A Yellow oleander, scientific name Thevetia peruviana, is an evergreen shrub with a striking appearance and lovely yellow flowers. Other common names include "Mexican oleander" and "lucky nut." Yellow oleander is native to South America and thrives in a tropical climate. It's also a popular landscape plant in areas with warm climates due to its attractive appearance and is relatively easy to care for. All parts of the plant are poisonous, and immediate medical attention is needed in the event of ingestion.
Yellow oleander can grow very tall, 20 to 30 feet (6 to 9 m), in its native habitat, but is considerably shorter in cultivation, about 4 to 12 feet (1.2 to 3.6 m). It can be trained to grow as a tree with a single trunk or allowed to grow in a more natural bushy shape. The branches are woody, splitting off in multiple directions. The leaves are about 2.2 to 5 inches (5.5 to 15 cm) long and narrow and coming to a point at the end. They are a deep glossy green, with a smooth leathery texture.
The flowers of the Yellow oleander are about 2 to 3 inches (5 to 7 cm) long and grow in clusters at the ends of the branches. They are usually a rich, bright shade of yellow, though there is a peach colored variety as well. They have gently overlapping petals forming a funnel shape with a deep center containing pollen and nectar. They are attractive to bees and butterflies and have a sweet fragrance. Yellow oleander flowers bloom repeatedly during the warm seasons and are followed by fleshy, seed containing fruit.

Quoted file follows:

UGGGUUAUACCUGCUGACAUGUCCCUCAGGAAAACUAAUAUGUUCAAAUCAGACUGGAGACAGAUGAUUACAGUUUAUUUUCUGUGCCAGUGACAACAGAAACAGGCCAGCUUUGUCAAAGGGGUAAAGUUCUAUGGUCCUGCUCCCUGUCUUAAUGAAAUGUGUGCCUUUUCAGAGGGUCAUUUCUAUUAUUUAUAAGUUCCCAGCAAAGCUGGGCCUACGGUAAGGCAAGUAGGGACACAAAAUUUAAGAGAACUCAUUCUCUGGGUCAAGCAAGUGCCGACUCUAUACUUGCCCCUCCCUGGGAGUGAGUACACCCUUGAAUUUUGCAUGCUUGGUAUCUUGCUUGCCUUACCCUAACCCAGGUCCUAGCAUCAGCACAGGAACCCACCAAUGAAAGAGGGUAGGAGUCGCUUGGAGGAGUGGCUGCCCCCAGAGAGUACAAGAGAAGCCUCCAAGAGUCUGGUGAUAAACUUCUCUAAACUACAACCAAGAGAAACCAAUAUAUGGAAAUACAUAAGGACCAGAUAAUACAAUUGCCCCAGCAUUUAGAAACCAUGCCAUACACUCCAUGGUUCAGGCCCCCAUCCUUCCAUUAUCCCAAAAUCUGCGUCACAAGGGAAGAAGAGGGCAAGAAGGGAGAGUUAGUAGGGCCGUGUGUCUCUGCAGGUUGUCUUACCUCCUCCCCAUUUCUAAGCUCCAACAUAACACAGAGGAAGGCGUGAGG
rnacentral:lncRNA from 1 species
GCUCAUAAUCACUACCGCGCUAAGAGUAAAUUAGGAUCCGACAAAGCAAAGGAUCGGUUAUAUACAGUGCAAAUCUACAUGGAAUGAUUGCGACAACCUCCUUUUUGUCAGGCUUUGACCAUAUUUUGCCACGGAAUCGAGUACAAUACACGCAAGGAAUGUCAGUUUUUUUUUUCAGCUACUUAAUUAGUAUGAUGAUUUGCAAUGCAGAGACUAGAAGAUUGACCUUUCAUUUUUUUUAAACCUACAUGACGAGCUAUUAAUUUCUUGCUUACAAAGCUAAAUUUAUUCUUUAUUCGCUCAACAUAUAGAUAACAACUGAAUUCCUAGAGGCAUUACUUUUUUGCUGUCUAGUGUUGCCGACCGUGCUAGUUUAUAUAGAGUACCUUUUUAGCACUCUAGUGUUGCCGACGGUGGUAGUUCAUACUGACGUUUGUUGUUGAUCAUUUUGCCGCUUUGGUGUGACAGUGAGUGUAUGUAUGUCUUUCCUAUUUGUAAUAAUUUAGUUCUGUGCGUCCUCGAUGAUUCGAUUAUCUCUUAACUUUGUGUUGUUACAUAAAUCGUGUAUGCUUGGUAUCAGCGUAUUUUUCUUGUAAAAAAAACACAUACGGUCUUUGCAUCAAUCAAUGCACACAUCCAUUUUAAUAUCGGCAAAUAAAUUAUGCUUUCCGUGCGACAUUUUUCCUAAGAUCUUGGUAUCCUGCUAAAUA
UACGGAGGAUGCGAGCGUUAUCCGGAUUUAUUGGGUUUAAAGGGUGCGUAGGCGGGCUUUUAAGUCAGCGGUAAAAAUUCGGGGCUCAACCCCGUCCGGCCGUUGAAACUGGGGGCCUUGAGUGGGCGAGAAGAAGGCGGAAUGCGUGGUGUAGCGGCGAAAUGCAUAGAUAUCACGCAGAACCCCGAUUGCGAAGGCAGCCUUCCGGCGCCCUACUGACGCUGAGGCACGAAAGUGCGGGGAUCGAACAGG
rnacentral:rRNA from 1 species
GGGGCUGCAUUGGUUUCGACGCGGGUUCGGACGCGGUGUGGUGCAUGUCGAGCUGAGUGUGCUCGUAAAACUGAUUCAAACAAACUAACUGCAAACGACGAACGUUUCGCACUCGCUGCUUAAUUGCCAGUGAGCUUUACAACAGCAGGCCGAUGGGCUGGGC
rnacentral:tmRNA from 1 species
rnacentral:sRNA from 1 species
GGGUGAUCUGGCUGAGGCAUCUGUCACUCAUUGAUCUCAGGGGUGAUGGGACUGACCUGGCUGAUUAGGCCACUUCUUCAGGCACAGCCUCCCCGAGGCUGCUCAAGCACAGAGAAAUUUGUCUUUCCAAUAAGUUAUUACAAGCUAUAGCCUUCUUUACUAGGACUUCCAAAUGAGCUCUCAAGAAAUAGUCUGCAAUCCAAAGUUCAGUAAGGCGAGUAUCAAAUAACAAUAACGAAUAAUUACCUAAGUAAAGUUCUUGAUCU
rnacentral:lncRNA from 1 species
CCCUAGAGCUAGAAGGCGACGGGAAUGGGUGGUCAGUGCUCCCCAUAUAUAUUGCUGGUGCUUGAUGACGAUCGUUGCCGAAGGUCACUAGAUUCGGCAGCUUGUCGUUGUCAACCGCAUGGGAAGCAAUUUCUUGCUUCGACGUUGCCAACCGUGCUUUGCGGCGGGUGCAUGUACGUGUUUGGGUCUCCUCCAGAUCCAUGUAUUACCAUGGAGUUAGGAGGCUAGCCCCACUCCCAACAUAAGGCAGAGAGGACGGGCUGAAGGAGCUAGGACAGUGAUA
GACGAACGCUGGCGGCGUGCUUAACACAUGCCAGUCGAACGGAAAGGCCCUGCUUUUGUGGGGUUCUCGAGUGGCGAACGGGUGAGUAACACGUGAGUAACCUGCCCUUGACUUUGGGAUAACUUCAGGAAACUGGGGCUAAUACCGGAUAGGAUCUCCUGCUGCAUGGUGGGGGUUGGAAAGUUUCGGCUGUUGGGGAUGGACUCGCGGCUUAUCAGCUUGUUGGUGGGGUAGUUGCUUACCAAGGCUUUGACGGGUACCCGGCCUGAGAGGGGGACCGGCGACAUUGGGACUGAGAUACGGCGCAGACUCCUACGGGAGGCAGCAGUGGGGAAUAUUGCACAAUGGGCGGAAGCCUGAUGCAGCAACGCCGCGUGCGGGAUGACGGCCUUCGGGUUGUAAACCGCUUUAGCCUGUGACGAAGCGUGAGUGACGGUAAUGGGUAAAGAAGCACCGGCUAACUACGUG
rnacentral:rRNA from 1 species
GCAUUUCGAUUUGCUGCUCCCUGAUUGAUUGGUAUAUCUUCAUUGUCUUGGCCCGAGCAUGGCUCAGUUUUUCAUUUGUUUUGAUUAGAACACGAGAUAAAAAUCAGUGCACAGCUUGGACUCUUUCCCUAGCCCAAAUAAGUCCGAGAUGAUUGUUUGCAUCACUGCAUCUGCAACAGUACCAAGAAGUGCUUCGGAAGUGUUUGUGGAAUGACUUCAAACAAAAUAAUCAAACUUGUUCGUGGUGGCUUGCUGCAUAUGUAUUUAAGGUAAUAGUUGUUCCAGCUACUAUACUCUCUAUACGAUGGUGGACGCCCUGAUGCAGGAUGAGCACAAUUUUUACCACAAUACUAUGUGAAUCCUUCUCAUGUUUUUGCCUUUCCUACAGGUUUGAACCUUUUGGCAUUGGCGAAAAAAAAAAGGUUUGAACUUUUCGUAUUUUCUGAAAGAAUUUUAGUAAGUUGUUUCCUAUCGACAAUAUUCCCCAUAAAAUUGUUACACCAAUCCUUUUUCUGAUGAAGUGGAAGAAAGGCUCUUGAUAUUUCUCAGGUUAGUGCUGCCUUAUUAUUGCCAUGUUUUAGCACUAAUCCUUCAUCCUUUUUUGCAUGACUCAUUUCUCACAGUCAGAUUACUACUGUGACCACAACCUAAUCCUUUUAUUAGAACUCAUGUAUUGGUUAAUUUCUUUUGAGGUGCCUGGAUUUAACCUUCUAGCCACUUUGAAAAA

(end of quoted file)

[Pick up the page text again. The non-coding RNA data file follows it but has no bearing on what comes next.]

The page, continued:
The native area of the Yellow oleander is South America, in the West Indies, Mexico, and Belize. It thrives in a tropical, humid climate. If cultivated in a cooler climate, it will need to be brought indoors for the winter, and is best planted in a container.
Yellow oleander is often planted as a landscape plant in areas with warm climates. It's often used as a hedge, screen, or border plant and does well in a sunny location. It should be planted in well drained soil and allowed to dry out a bit between waterings. It can be lightly pruned to maintain shape after its done flowering, usually in the fall.
All parts of the Yellow oleander plant are poisonous if ingested, particularly the seeds, and contact with the skin can cause irritation. It should not be planted in areas where children or pets are likely to play. Symptoms of poisoning include blurred vision, nausea, irregular heartbeat, confusion, dizziness, and rash. If ingestion of any part of the plant is suspected, immediate medical attention is required.